The Court of Appeal in the case of Westland District Council v TC York and Alpine Glacier Motel Limited, has confirmed that a Council will be liable for any damages suffered by a purchaser as a result of the Council having been negligent in preparing a LIM which was ordered by the purchaser.


Mr York and his company purchased the motel at Franz Josef in September 2005. Before he settled the purchase, he obtained a LIM from Council.

Council knew a great deal about the Alpine Fault, including the fact that it was located close to the motel, the likely impact of a major earthquake, and the recommendation from Government that local authorities established fault avoidance zones 20 metres either side of known faults The LIM did not contain any information ab out the location of the fault, the damage that the town might suffer from a large earthquake, or the fact that the government had made that recommendation.

The buyer of the motel say that they did not find out about the possibility of a fault avoidance zone in Franz Josef until November 2010, when Council first raised the possibility of a zone. The zone was formally notified in 2012, and it affected the motel.

Evidence was supplied which showed that the market value of the land and business fell by $2,850,000 as a result of the resulting zone change to the district plan.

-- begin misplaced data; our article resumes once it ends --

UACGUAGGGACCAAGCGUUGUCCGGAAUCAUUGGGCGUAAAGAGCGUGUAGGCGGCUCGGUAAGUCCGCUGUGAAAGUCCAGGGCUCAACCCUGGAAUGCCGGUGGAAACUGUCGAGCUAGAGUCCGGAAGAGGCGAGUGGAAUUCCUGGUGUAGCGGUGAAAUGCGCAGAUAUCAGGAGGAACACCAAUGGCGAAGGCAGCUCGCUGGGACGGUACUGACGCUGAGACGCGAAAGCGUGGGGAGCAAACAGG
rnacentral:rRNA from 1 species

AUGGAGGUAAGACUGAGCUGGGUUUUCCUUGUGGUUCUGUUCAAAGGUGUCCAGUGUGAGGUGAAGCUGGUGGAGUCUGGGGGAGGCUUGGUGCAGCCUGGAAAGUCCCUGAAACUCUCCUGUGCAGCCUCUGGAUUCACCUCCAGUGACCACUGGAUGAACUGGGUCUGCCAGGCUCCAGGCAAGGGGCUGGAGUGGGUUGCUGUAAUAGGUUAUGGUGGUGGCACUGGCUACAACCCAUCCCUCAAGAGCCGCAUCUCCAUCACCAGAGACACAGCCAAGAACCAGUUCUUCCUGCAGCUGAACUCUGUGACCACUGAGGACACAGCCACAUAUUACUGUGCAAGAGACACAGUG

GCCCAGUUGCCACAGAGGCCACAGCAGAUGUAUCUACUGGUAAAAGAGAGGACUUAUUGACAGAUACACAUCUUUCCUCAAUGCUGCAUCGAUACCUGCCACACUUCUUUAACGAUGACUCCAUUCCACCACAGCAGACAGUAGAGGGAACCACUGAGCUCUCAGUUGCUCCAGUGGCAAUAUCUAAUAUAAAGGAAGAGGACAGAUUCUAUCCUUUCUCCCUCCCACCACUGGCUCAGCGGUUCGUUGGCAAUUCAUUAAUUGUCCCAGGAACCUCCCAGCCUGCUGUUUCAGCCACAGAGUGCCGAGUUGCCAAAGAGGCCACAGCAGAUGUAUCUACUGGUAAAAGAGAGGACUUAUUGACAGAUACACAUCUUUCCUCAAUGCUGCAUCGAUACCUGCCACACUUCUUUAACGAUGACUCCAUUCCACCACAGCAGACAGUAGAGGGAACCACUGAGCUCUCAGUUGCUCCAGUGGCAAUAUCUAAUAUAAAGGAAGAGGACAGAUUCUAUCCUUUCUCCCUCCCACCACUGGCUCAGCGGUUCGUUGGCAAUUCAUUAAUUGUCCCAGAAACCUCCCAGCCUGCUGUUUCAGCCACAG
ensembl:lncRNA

The Court of Appeal confirmed that a local authority will be liable if it negligently issues a LIM and a purchaser suffers a loss as a result.

However, in this case, the buyers of the motel were not successful, as they did not bring the claim until the 6 year limitation period in the Limitation Act 1950 had expired (the Court said that this period began to run when they completed the purchase, rather than when they discovered the problem).


This case emphasizes the importance of obtaining a LIM before committing to a purchase, even if the land is bare land.

It also shows that it is important to take action as soon as possible once a problem with the LIM is discovered.

Ota los shows the importance of a purchaser ordering his or her own LIM, rather than relying on one purchased by the vendor or agent.

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